Climate change is not only a vast concept, but its impact is covered with the entire region of the Sunderbans inclusive its surrounding areas. Sunderbans too face the impact of climate change by means of subsidence and sea-level rise and it is quite natural. Sunderbans remain devoted to that climate change through fair and foul, though the ultimate arbiter is the nature. Yet, people in majority off and on, fall in misconceptions on the impact of climate change in the Sunderbans. Sometimes they blame all the adverse effects as a result of climate change and accelerated sea-level rise thereon due to the incapability to cope with the situations faced in the Sunderbans. Undoubtedly, major changes are the results of the climate change, but a few changes are exceptional, these are seemed to be the misconceptions on the impact of climate change, as evidenced in the Sunderbans. A complete destruction of a bivalve bed in the coastal areas of Fraserganj might be considered as an instance to be claimed as one of such misconceptions.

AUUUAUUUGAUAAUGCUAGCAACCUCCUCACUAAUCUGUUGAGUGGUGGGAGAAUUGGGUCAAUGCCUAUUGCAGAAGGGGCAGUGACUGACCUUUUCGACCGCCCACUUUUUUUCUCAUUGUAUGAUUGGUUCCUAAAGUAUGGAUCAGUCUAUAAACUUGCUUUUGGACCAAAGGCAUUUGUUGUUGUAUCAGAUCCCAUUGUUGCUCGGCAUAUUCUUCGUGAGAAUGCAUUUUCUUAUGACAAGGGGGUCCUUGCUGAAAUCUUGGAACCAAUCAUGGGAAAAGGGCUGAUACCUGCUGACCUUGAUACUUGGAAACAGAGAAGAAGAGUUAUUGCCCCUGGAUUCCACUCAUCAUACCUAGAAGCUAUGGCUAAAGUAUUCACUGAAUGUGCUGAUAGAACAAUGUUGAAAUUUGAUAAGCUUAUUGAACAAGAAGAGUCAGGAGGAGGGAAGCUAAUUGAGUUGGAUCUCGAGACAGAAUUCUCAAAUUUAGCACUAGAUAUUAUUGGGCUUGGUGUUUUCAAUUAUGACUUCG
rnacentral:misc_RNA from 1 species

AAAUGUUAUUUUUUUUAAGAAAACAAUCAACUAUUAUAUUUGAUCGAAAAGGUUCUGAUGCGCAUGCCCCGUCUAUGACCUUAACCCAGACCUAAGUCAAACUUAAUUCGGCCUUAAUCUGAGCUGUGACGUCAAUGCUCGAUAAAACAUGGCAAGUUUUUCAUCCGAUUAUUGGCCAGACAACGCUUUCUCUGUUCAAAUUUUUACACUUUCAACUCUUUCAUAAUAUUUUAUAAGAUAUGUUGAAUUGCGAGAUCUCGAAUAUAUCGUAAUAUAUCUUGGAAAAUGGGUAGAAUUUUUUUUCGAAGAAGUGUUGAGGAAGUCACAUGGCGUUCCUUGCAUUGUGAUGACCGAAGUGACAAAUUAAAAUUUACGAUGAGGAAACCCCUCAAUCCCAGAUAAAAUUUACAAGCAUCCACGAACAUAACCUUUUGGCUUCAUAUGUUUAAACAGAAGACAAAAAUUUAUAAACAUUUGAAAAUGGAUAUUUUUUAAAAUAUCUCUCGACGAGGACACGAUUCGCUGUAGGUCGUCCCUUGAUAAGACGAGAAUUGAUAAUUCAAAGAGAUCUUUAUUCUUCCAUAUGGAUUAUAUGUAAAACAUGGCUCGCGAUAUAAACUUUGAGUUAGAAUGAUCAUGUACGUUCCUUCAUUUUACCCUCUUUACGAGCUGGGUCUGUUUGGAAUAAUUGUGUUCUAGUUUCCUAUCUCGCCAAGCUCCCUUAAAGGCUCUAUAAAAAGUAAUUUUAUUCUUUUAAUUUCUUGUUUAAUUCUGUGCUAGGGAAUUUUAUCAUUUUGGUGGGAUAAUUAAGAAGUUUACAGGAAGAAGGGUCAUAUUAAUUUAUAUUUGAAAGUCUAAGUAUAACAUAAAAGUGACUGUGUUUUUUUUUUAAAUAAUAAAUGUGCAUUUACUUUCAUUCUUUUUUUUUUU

An enriched bed of Glauconome sculpta (Sowerby), a typical pelecypod or bivalve under the phylum Mollusca is in existence for 30 years in the intertidal zone of Fraserganj of the coastal Sunderbans. Of late that pelecypod bed has gradually been vanishing as this zone is inundated maximum period except only period of lowest low tide during full moon and new moon. The intertidal zone of Fraserganj gradually becomes lowland as a consequence of huge physical removal of sediments due to erosion and that’s why the area is inundated with the tidal sea water almost rejecting the concept of inundation or submergence of water due to sea-level rise as a result of climate change.